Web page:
There’s a quote that I like that kind of pertains to what I’m saying:
“They [people] know a few facts about you, and they piece you together in a way that makes sense to them. And if you don’t know yourself very well, you might even believe that they are right. But the truth is, that isn’t you. That isn’t you at all.” – Leila Sales
Don’t allow others to mould you into their perception of you. You are the only one that truly knows yourself and all your qualities and capabilities. You are your own exclusive sculptor. Withhold that power.
This sabotaging trade deal of disregarding who we really are in our desire for approval from mainstream society is super prevalent among individuals of today’s society and in my eyes, appears much like an epidemic. A huge factor in this is the big increase in social media usage in recent years. Social media provides a platform for people to gain ideas on what most people like and dislike, their interests, what’s ‘normal’ and what isn’t and last but definitely not least, beauty ideals which tell people exactly how a perfectly attractive man or woman should look and be like. Social media therefore creates shared ideas on these different aspects and strips society of the individuality, rawness and unique qualities that each individual has the potential to offer to society. People hold back for fear of not being accepted or ridiculed for their ideas. We hold back because it’s not what we know society wants to see or hear so we simply don’t express it and instead express a persona that aligns with society’s expectations. This way society is devoid of genuine expression, of new ideas and new perspectives; ideas and perspectives that potentially hold the key to advancement and to greatness.
As history tells us, the great were always people who defied society, projected a new perspective into it and disregarded their fear of the consequences of their defiance. For example, Mahatma Ghandi who went as far as sacrificing his life through a hunger strike in his call for peace and fight against British imperialism, Rosa Parks who stood against racism by defying authority and refusing to sit at the back of the bus, and a final modern example – President Bashar Al Assad, who, despite mainstream media’s portrayal of him as a vicious dictator and the continuous baseless shunning by the vast majority of the world and powerful governments, remains perfectly sturdy and committed to protecting the citizens of his country, disregarding the opinions of others on him and continuing to do what is right. To be honest with you, I was hesitant to include that last example because of the controversy it carries, but I then thought to myself: why can others freely give their opinions (which of course align with the opinions of the majority) whilst I feel I must remain quiet due to my less popular perspective? Although political stances are not exactly measures of authenticity, the degree of commitment in expressing a different/minority view and ‘taking the road less taken’ is.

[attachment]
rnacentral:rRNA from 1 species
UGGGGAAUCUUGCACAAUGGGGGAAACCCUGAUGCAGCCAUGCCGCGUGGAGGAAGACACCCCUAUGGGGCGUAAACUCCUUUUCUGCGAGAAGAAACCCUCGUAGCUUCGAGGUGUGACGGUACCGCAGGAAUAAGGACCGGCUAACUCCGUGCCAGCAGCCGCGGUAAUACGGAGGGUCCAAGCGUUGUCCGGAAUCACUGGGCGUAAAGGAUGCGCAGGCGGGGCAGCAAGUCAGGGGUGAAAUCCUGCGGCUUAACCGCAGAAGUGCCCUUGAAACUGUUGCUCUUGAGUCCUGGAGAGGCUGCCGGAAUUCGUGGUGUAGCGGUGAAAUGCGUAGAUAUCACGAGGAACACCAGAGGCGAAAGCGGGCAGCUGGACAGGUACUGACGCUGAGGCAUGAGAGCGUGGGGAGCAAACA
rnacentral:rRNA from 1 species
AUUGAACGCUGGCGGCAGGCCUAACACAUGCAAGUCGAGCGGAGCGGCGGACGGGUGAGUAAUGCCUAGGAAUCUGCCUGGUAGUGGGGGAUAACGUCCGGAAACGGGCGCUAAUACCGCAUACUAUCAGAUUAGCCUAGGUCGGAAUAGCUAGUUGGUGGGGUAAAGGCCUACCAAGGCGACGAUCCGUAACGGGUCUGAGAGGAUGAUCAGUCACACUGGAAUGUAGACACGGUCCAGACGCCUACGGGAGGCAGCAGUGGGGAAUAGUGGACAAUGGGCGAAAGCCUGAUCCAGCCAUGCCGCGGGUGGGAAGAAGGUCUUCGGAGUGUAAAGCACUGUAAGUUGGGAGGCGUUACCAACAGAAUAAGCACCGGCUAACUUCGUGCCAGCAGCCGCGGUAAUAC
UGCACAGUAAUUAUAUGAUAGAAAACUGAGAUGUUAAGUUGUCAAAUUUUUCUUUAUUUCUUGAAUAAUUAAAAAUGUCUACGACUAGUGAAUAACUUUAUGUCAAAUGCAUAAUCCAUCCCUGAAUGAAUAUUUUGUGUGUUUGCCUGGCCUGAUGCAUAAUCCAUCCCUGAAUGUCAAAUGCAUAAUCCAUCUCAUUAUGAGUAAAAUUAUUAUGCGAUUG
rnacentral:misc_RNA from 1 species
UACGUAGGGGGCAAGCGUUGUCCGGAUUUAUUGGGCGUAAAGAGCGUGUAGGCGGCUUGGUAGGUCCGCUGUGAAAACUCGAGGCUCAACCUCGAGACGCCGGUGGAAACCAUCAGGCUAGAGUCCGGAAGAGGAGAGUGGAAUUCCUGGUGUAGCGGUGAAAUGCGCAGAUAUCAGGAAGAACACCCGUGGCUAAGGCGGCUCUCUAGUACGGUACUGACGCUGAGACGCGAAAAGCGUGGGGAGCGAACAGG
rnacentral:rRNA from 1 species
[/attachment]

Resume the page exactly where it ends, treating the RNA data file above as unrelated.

So, my point here is that as hard as you may feel it is to resist social pressures, whether this may be regarding your genuine feelings about certain topics, music taste, your genuine interests, the way you dress and a seemingly more recent phenomenon- how expensive your makeup is, within us all there is a sanctuary wherein our genuine self lives; this is when we are alone with our own thoughts, away from our phones where we are blinded by the opinions and lifestyles of others, and away from the expectations of family. If you one day decide to let free the contents of your sanctuary into the outside world, piece by piece and day by day, then, and only then, will you truly be living.